Throughout the whole first half of the Alabama State vs. Texas-San Antonio game, the lament was frequently heard: “What on EARTH are we going to write about from this game?” UTSA came out and just socked the Hornets right in the collective jaw with easy drives into the paint and a defense that induced several unforced errors out of ASU. The halftime lead for UTSA was 27. And I know it sounds cliche’ to say it, but it’s true in this case — it wasn’t even THAT close. Melvin Johnson had 25 at the half — his CAREER HIGH, and ASU only had 21! — mostly on drives to the hole, silky fade-aways, and free throws. Everyone in the place shook their heads, wondering how they were going to endure watching another half of a spanking of this magnitude. Then, ASU coach Lewis Jackson began switching his defenses, Jeffery Middlebrooks started draining threes, and Chris Duncan started crashing the glass in force. The Roadrunner lead had shrunk to nine points late, but the Hornets could get no closer. Johnson only took four shots in the second half, and added just four points to end with 29. Despite the comeback by ASU, the matter was decided early. Johnson was just too good in that first half, and the Hornets simply took too long to shake off their jitters. That may have included the coaches — at one point in the first half, ASU received a technical foul for having six players on the floor. UTSA deserved the win, but I like the way ASU represented itself in the Dance by not just caving in. When they took the floor for that second half, there wasn’t one kid in an Alabama State uniform who thought that game was over.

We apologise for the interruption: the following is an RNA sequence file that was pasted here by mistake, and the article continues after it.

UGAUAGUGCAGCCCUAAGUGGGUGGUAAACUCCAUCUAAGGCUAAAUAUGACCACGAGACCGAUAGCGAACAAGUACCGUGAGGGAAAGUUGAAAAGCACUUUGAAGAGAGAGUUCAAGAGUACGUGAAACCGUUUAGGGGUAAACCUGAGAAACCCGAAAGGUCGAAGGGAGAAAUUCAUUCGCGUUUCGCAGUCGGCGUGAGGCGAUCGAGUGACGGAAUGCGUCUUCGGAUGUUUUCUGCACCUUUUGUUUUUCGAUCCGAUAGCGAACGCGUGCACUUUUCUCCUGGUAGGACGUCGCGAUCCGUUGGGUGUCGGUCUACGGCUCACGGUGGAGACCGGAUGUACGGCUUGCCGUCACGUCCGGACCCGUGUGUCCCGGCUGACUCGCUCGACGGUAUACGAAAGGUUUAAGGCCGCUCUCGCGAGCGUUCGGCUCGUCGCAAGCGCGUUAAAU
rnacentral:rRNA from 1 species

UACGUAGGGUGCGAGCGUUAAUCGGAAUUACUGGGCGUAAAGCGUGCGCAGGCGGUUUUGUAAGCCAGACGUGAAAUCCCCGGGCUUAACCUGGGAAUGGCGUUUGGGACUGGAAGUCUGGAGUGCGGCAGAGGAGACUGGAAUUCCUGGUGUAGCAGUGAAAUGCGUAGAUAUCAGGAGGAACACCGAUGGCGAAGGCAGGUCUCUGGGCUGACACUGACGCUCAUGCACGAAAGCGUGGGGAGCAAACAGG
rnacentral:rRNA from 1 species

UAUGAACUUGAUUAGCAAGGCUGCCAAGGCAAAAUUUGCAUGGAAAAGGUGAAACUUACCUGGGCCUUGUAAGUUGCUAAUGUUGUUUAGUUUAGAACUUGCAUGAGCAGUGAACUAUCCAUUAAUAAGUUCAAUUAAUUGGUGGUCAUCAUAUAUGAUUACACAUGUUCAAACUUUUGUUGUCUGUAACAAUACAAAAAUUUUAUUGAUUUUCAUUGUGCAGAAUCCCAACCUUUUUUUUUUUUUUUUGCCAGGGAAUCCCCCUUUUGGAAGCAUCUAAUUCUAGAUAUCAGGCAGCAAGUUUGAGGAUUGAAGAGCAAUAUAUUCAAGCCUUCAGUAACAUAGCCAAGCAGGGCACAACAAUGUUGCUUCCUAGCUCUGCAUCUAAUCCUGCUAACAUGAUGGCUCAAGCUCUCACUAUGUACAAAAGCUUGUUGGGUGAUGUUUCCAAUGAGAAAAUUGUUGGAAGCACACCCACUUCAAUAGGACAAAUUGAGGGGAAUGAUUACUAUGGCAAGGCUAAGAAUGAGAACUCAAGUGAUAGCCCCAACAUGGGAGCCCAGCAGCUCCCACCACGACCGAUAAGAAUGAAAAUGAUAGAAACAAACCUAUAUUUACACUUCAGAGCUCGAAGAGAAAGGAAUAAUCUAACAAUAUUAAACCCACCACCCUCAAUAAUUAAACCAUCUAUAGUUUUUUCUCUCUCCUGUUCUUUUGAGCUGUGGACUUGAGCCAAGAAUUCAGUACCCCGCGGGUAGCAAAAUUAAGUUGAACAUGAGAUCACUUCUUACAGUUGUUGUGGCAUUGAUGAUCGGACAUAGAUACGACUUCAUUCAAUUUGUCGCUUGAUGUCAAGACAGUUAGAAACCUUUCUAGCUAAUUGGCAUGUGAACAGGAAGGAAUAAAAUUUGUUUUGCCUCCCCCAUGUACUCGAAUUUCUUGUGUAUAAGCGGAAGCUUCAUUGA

My first tweet from UD Arena tonight complimented the Alabama State band. By far, the BEST I’ve ever seen and heard. Not only are the song choices original, but that wall of brass that comes from their section just makes you want to cry, and the young fellow on the drum kit will definitely put your subwoofer to the test. From the moment they played their first note, they had the whole arena in their pocket. I was simply one of a legion of listeners in the place who felt that way tonight.